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There are two common uses for the English word experience:

  • the specific sense, as in "skydiving was an interesting experience"
  • the more general sense, as in "I have the job experience you're looking for"

The former is a description of the immediate process of living through something, perceiving it, etc. Where as the latter is typically more focused on the knowledge or expertise gained by having participated in something. They're not cleanly separate, of course, since the former typically leads to the latter.

Whenever I've looked up experience in an English-Russian dictionary, they always give опыт as the translation—often the only one. My sense is that that word is the best translation for the second usage above. Is it also the proper term for the first usage, or would переживание be better for that?

I've also noticed, on Linguee for example, that переживание is indicated to be less frequently used. Is that because опыт meets the same need, or because the second usage above is a more common topic of conversation among Russians? I wouldn't normally wonder that, but in this case it does conform to my sense of the cultural differences between, say, America (whence I come) and Russia. But perhaps I'm reading too much into it.

  • @Dmitry Thanks for the edit. Try as I might, I cannot get through my skull that it's a hard т at the end of that word. – spoko Mar 6 '18 at 17:23
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    Note that “experience”, as in perception, is a much wider term than “переживание” (typically reserved for negative emotions) and can’t usually be translated with one Russian word, especially in verb form as is common in advertisements for movies, video games and the like. – Roman Odaisky Mar 7 '18 at 14:33
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    I personally can't even think of "переживание" being used as just "experience". Maybe only a "personally hard experience". Ex. "Он пережил развод" - "He had a divorce. It was a hard experience." – Alexander Mar 7 '18 at 21:08
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    The expression "skydiving was an interesting experience" is very typical of the way ideas are expressed in English. We can say almost anything by saying what something is and we have a word for every such occasion. In Russian such such sentences are generally worded differently using a verb other than "быть". For example, you could say "Первый раз прыгнул с парашютом. Впечатлило!" – David42 Mar 8 '18 at 14:14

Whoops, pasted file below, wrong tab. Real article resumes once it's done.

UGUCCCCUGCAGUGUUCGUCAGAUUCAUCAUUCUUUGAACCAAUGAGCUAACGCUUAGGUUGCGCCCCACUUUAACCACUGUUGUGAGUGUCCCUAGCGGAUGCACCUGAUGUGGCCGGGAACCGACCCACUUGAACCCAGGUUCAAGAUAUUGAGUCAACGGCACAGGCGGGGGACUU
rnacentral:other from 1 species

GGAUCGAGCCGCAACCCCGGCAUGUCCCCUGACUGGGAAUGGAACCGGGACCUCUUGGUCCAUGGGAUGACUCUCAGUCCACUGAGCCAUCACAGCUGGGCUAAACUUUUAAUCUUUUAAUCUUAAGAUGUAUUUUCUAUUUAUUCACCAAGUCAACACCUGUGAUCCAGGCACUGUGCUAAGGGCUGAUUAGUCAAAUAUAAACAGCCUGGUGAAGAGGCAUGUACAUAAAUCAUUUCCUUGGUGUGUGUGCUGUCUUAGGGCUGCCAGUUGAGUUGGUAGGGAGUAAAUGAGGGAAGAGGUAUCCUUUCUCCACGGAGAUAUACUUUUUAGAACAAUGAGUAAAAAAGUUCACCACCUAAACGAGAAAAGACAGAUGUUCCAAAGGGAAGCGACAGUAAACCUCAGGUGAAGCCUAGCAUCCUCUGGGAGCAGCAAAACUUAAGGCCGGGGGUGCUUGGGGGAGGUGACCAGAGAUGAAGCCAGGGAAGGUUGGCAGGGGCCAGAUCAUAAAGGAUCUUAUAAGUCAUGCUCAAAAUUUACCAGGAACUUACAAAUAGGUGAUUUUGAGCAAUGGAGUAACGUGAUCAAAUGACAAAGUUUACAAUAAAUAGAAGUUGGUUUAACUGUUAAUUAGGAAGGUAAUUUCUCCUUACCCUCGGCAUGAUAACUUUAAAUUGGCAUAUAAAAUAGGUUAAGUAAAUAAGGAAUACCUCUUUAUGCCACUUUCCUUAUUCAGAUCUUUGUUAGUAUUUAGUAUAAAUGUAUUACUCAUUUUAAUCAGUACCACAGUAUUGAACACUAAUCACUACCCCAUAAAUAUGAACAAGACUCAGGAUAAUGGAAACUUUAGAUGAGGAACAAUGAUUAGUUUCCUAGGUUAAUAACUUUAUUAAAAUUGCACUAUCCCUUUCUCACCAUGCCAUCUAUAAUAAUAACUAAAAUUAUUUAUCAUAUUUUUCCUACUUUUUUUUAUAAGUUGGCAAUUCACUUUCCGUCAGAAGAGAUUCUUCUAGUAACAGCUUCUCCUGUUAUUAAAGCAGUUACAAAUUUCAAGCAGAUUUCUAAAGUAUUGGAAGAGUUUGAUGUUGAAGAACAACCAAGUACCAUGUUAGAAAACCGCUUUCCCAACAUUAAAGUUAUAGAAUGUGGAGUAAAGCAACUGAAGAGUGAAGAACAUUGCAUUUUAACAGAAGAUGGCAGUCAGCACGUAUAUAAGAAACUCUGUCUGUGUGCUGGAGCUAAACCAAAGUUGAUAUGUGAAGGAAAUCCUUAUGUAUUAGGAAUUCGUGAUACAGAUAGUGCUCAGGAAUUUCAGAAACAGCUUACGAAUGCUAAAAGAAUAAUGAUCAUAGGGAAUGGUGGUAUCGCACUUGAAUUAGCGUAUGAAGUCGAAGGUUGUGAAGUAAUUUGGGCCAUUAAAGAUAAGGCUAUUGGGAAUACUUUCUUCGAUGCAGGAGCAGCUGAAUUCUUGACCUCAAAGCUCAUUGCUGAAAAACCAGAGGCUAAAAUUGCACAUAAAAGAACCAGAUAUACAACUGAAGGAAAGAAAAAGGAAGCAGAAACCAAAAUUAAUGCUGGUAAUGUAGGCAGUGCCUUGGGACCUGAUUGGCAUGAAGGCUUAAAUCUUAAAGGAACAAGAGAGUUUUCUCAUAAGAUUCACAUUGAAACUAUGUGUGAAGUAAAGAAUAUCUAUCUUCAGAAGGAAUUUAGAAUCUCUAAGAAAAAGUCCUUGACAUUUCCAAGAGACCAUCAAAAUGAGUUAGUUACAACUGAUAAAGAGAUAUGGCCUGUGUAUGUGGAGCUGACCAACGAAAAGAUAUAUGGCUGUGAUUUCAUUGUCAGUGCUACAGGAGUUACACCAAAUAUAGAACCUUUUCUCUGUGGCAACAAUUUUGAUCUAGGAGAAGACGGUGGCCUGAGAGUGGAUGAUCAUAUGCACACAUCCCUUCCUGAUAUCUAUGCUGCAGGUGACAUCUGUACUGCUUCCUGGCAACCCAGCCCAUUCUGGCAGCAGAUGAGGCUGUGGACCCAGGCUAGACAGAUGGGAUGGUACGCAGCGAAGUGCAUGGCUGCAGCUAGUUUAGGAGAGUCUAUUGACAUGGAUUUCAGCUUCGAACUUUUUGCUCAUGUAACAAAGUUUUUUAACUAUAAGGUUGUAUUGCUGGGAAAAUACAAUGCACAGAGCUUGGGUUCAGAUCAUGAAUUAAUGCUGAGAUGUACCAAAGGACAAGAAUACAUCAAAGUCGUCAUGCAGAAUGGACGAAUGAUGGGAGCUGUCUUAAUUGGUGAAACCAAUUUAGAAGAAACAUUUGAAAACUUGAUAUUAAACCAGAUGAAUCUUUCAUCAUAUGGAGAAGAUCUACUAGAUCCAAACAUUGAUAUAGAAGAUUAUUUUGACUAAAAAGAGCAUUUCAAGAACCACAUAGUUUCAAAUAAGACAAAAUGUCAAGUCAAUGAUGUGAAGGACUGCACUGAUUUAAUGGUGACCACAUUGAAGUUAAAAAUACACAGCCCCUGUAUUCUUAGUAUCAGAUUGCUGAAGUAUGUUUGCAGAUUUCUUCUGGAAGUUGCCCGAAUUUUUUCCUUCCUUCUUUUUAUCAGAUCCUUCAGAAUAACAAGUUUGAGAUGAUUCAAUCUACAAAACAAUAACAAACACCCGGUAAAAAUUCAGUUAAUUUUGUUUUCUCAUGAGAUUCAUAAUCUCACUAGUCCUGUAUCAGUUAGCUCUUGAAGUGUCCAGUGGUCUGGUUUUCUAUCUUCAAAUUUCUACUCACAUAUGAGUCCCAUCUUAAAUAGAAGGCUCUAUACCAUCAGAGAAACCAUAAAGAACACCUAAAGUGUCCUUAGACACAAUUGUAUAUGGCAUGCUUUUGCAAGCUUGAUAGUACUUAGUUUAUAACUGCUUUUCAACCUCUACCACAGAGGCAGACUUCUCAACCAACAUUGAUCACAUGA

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Переживание (literally, "living-through") is quite a set way to translate the English phrase "emotional experience". I can't think of any other way for it to be used to translate "experience" outside this context.

However, your gut feeling is right, Russian опыт usually only applies to knowledge and expertise indeed. "Skydiving was an interesting experience" is best translated as прыгать с парашютом было очень интересно.

  • Интересное ощущение – Yu Jiaao Mar 7 '18 at 14:17
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skydiving was an interesting experience - It's possible to say переживание (probably when saying of a jump which caused strong emotions), or впечатление (if you mean an unusual impression regardless of emotions), even опыт (e.g. if you mean this pursuit was interesting experience for your career professionally). That is to say a speaker might want to be specific here.

I have the job experience you're looking for - most likely implies опыт (i.e. you have enough skills, knowledge, practice, etc., sometimes implying you are a seasoned person who suits the job).

It's not that переживание is used rarely. It's a literary word often implying some stronger feelings (so it's more often used in suitable contexts, emotionally coloured speech, or literary works). While опыт is a neutral word suitable for any style (from philosophical meaning 'experience' to everyday meaning like 'job experience', etc.)

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Можно сказать опыт работы и любовные переживания, но не переживания работы, а опыт любви звучит пошло, если не сказать скабрезно.

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